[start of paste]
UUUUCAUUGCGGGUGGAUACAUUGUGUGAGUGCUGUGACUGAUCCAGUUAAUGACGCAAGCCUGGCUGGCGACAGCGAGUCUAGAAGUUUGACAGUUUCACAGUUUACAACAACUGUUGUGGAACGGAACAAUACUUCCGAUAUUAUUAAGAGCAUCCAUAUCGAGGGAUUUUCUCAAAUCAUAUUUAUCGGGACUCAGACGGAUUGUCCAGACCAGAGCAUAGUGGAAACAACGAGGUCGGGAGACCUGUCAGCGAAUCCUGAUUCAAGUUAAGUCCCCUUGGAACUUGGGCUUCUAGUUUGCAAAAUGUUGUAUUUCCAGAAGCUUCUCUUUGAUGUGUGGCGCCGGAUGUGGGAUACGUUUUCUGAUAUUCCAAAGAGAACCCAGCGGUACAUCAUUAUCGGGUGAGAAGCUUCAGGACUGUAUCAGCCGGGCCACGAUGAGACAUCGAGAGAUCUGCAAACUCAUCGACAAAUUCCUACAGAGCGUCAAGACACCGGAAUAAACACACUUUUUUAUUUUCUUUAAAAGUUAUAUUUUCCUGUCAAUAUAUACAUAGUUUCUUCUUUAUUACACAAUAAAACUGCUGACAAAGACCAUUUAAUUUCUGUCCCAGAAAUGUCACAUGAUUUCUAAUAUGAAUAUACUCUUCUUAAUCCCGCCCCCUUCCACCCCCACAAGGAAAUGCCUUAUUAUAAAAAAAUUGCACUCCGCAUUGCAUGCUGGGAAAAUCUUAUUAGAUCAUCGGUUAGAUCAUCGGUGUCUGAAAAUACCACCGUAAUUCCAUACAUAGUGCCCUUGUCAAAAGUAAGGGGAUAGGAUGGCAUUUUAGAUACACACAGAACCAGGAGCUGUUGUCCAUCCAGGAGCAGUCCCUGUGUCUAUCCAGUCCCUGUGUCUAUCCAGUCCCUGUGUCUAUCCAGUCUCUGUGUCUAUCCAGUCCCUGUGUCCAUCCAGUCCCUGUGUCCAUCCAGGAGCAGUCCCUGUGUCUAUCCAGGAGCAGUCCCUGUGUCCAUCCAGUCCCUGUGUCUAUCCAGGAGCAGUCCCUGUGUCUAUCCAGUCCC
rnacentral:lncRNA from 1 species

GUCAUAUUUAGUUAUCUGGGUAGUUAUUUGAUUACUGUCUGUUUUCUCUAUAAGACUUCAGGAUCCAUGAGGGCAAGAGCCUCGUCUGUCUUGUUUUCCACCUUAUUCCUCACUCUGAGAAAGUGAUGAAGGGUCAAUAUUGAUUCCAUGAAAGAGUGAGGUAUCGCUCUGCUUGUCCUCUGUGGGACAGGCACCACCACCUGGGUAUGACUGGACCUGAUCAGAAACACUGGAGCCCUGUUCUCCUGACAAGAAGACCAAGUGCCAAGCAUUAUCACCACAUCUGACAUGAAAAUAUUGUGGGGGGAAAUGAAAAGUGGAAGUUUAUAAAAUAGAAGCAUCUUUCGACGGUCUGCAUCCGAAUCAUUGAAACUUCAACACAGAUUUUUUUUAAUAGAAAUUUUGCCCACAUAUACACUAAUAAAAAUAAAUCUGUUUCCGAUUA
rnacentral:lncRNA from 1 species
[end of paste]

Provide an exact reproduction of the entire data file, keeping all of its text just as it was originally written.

UUUUCAUUGCGGGUGGAUACAUUGUGUGAGUGCUGUGACUGAUCCAGUUAAUGACGCAAGCCUGGCUGGCGACAGCGAGUCUAGAAGUUUGACAGUUUCACAGUUUACAACAACUGUUGUGGAACGGAACAAUACUUCCGAUAUUAUUAAGAGCAUCCAUAUCGAGGGAUUUUCUCAAAUCAUAUUUAUCGGGACUCAGACGGAUUGUCCAGACCAGAGCAUAGUGGAAACAACGAGGUCGGGAGACCUGUCAGCGAAUCCUGAUUCAAGUUAAGUCCCCUUGGAACUUGGGCUUCUAGUUUGCAAAAUGUUGUAUUUCCAGAAGCUUCUCUUUGAUGUGUGGCGCCGGAUGUGGGAUACGUUUUCUGAUAUUCCAAAGAGAACCCAGCGGUACAUCAUUAUCGGGUGAGAAGCUUCAGGACUGUAUCAGCCGGGCCACGAUGAGACAUCGAGAGAUCUGCAAACUCAUCGACAAAUUCCUACAGAGCGUCAAGACACCGGAAUAAACACACUUUUUUAUUUUCUUUAAAAGUUAUAUUUUCCUGUCAAUAUAUACAUAGUUUCUUCUUUAUUACACAAUAAAACUGCUGACAAAGACCAUUUAAUUUCUGUCCCAGAAAUGUCACAUGAUUUCUAAUAUGAAUAUACUCUUCUUAAUCCCGCCCCCUUCCACCCCCACAAGGAAAUGCCUUAUUAUAAAAAAAUUGCACUCCGCAUUGCAUGCUGGGAAAAUCUUAUUAGAUCAUCGGUUAGAUCAUCGGUGUCUGAAAAUACCACCGUAAUUCCAUACAUAGUGCCCUUGUCAAAAGUAAGGGGAUAGGAUGGCAUUUUAGAUACACACAGAACCAGGAGCUGUUGUCCAUCCAGGAGCAGUCCCUGUGUCUAUCCAGUCCCUGUGUCUAUCCAGUCCCUGUGUCUAUCCAGUCUCUGUGUCUAUCCAGUCCCUGUGUCCAUCCAGUCCCUGUGUCCAUCCAGGAGCAGUCCCUGUGUCUAUCCAGGAGCAGUCCCUGUGUCCAUCCAGUCCCUGUGUCUAUCCAGGAGCAGUCCCUGUGUCUAUCCAGUCCC
rnacentral:lncRNA from 1 species

GUCAUAUUUAGUUAUCUGGGUAGUUAUUUGAUUACUGUCUGUUUUCUCUAUAAGACUUCAGGAUCCAUGAGGGCAAGAGCCUCGUCUGUCUUGUUUUCCACCUUAUUCCUCACUCUGAGAAAGUGAUGAAGGGUCAAUAUUGAUUCCAUGAAAGAGUGAGGUAUCGCUCUGCUUGUCCUCUGUGGGACAGGCACCACCACCUGGGUAUGACUGGACCUGAUCAGAAACACUGGAGCCCUGUUCUCCUGACAAGAAGACCAAGUGCCAAGCAUUAUCACCACAUCUGACAUGAAAAUAUUGUGGGGGGAAAUGAAAAGUGGAAGUUUAUAAAAUAGAAGCAUCUUUCGACGGUCUGCAUCCGAAUCAUUGAAACUUCAACACAGAUUUUUUUUAAUAGAAAUUUUGCCCACAUAUACACUAAUAAAAAUAAAUCUGUUUCCGAUUA
rnacentral:lncRNA from 1 species